From Miningwatch Canada news that OceanaGold is trying a new strategy to establish its gold mine in El Salvador
(Ottawa/Washington/Melbourne) A new study finds that OceanaGold’s attempt to rebrand its proposed gold mine in El Salvador through the use of a company-sponsored foundation at the local level is deceitful, disrespectful and dangerous.
Mining, Corporate Social Responsiblity, and Conflict: OceanaGold and the El Dorado Foundation in El Salvador, published by the Institute for Policy Studies and MiningWatch Canada, will be presented at OceanaGold’s office in Melbourne on Thursday, the 36th anniversary of the murder of Salvadoran Archbishop Óscar Romero.
“Designed to whitewash the company’s image and undermine opposition to a proposed gold mine in Cabañas, the activities of the El Dorado Foundation contradict the country’s decision not to permit metal mining and risk reawakening a conflict that has already cost several people their lives,” remarks Professor Stuart Kirsch, one of the authors and an anthropologist at the University of Michigan with two decades of experience studying mining conflicts.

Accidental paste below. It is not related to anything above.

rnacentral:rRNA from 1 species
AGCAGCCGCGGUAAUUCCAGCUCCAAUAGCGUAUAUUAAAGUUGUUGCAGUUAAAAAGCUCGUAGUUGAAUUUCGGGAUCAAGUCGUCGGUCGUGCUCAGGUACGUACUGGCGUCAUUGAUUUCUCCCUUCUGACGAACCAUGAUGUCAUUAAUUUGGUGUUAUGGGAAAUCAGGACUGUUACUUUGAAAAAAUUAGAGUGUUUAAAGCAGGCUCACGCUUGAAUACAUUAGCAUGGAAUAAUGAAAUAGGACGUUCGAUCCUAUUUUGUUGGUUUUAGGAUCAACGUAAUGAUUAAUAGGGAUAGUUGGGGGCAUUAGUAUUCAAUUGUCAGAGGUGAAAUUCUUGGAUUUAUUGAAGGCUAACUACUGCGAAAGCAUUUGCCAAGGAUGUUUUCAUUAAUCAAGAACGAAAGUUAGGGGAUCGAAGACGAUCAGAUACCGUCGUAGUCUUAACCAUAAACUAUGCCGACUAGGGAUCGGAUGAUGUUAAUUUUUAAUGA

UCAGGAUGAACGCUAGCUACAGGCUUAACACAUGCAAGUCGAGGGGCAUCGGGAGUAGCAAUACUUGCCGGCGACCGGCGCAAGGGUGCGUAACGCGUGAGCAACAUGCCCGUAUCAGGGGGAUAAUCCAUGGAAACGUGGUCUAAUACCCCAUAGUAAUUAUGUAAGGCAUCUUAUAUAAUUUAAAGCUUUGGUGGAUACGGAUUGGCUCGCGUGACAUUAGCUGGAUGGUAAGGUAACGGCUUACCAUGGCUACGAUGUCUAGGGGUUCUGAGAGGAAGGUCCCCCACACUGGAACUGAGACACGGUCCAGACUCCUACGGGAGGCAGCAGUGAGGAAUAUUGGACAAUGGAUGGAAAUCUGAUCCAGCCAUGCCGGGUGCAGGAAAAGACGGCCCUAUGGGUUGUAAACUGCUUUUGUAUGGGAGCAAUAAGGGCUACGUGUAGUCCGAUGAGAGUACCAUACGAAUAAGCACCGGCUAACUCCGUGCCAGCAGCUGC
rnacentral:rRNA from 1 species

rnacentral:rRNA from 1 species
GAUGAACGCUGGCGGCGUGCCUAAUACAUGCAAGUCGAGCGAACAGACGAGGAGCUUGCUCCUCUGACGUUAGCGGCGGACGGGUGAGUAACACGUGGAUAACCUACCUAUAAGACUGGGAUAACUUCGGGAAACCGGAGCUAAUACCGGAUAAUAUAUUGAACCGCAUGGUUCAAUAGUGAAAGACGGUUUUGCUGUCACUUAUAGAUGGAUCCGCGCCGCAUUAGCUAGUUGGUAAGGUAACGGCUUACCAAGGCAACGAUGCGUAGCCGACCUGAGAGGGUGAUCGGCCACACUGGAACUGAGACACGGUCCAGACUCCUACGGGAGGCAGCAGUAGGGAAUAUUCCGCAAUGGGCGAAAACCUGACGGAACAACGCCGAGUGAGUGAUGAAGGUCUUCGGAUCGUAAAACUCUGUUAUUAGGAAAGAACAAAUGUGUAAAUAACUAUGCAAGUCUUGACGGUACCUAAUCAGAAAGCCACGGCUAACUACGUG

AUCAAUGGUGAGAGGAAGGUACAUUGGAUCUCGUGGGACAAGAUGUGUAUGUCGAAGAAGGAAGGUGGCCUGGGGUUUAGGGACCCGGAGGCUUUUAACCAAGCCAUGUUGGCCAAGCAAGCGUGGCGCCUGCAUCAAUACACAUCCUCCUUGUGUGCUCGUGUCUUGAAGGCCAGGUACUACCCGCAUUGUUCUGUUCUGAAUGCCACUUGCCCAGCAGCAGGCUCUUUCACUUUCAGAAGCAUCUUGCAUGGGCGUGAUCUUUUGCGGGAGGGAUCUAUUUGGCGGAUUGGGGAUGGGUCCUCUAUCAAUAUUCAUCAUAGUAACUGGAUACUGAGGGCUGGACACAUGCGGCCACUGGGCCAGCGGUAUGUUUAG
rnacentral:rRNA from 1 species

Canadian-Australian mining company OceanaGold is suing El Salvador for US$250 million at a World Bank tribunal when the company failed to obtain a mining permit for which it never met regulatory requirements. Three successive Salvadoran presidents have committed not to issue new mining permits, while a 2015 opinion poll found that opposition to metal mining is nearly 79.5% nationwide and 83.9% in municipalities affected by the proposed project.
Between 2009 and 2011, four local environmental activists were murdered in Cabañas. Since then, several local organizations have also received threats These crimes have never been fully investigated.